Cam Cream on Faces

Discussion in 'Painting Techniques' started by Carl Edward Sambrook, Apr 11, 2013.

  1. Carl Edward Sambrook Active Member

    I am thinking about putting Cam Cream onto on of my figures faces, now I've spent a fair few hours painting the face and what I do not want to do is to ruin it by adding Cam Cream for a more realistic look. Can anyone give me a heads up on the procedure and of course what paint to use. Thank you.
  2. Einion Well-Known Member

    With camo I think you should factor in from the beginning that so much of the skin is going to be covered at the end of the day, so you don't paint it as thoroughly as you would otherwise - very hard to stomach covering hours of effort!

    There's always a risk that you will spoil things applying camo, much the same as when doing heavy weathering or blood, but you have to bite the bullet to a degree with this kind of thing. Practising on a small test piece before committing to doing the work on your current figure is advisable if you've never done it before.

    Colour(s) or medium?

    It's pretty much up to you in either case, but if you do the camo in oils it's easier to touch up and tweak because you have such a long working time.

  3. Gellso A Fixture

    It's important never to apply a dark camo straight onto the skin in a wil look to harsh.

    I'd go very subtle to begin with. If using oils blend the camo colour with the base skin colour and apply.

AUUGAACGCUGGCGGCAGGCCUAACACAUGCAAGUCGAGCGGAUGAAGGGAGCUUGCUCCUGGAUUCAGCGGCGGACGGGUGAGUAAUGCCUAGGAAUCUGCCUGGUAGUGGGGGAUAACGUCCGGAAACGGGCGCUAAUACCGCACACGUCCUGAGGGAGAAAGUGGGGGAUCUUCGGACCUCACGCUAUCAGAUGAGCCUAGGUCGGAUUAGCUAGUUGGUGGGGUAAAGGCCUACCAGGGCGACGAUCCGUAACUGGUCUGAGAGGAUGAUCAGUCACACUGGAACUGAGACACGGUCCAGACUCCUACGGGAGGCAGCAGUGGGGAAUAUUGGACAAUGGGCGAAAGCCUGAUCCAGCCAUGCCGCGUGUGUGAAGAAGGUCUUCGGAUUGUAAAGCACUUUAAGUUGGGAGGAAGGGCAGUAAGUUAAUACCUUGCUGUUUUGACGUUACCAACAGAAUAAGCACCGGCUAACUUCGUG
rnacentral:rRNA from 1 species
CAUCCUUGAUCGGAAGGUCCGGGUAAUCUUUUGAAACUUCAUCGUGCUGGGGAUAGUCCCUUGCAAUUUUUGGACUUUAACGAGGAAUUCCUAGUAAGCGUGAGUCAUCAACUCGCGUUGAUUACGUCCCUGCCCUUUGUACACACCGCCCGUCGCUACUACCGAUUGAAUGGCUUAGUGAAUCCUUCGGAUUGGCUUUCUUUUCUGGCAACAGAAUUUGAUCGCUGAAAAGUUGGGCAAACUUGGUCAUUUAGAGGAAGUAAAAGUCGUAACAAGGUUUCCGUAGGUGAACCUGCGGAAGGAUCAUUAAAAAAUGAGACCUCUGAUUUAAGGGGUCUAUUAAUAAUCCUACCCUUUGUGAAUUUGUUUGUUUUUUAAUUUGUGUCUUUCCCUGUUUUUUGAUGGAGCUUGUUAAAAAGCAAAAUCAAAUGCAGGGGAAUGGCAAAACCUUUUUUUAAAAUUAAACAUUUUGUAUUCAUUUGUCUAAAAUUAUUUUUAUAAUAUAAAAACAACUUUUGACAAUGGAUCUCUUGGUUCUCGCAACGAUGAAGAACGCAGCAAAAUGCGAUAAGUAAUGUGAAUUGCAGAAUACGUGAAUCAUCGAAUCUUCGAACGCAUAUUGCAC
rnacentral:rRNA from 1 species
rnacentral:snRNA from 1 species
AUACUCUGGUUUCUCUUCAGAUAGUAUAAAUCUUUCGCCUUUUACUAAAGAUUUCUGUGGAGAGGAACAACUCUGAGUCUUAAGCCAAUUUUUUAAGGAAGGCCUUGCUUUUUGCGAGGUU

If you're using acrylics, go light first then progressively darker.

    I'd use light mud for acrylic light shade and then burnt umber or chocolate brown for the darker shade. Just use a light green e.g. green grey and a darker green if you want to use green camo.

    Go very easy with it and build it up till you see it come together.

    Have a look at other peoples work and compare what you like and don't like and go from there.

  4. tonydawe A Fixture

    I'd recommend using pastels to achieve a good face camo effect. If you get it wrong, you can simply wash it off with water and start again.

    Pastels have the added benefit of running with water, which tends to happen with face camo when the skin gets sweaty. Unless re-applied regularly, face camo tends to wipe/ wear off after a couple of hours anyway, so it wouldn't be wrong to show a face that is only partially covered in camo.

    The attached pic of a Royal Marine Commando in the Falklands shows what a bit of pastel can achieve as far as face camo is concerned.

    I would stick with the principal of less is more when it comes to face camo.

    Jamie Stokes likes this.

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